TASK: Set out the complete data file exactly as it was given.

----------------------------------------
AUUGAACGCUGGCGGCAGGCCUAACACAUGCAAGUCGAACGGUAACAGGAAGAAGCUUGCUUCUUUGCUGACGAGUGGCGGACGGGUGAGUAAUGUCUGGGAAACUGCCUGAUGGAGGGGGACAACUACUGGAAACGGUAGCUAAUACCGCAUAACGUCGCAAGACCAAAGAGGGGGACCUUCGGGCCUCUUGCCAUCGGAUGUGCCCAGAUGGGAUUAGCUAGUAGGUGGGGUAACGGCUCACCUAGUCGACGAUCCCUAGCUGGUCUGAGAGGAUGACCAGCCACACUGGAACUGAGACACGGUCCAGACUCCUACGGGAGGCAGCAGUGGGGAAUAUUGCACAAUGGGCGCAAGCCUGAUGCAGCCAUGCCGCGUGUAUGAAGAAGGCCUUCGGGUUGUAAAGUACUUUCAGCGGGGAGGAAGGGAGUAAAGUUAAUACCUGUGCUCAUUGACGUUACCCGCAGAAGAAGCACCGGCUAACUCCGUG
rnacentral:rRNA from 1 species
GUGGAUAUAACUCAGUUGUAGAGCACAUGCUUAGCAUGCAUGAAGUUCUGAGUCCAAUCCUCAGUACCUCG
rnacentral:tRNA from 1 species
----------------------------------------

AUUGAACGCUGGCGGCAGGCCUAACACAUGCAAGUCGAACGGUAACAGGAAGAAGCUUGCUUCUUUGCUGACGAGUGGCGGACGGGUGAGUAAUGUCUGGGAAACUGCCUGAUGGAGGGGGACAACUACUGGAAACGGUAGCUAAUACCGCAUAACGUCGCAAGACCAAAGAGGGGGACCUUCGGGCCUCUUGCCAUCGGAUGUGCCCAGAUGGGAUUAGCUAGUAGGUGGGGUAACGGCUCACCUAGUCGACGAUCCCUAGCUGGUCUGAGAGGAUGACCAGCCACACUGGAACUGAGACACGGUCCAGACUCCUACGGGAGGCAGCAGUGGGGAAUAUUGCACAAUGGGCGCAAGCCUGAUGCAGCCAUGCCGCGUGUAUGAAGAAGGCCUUCGGGUUGUAAAGUACUUUCAGCGGGGAGGAAGGGAGUAAAGUUAAUACCUGUGCUCAUUGACGUUACCCGCAGAAGAAGCACCGGCUAACUCCGUG
rnacentral:rRNA from 1 species
GUGGAUAUAACUCAGUUGUAGAGCACAUGCUUAGCAUGCAUGAAGUUCUGAGUCCAAUCCUCAGUACCUCG
rnacentral:tRNA from 1 species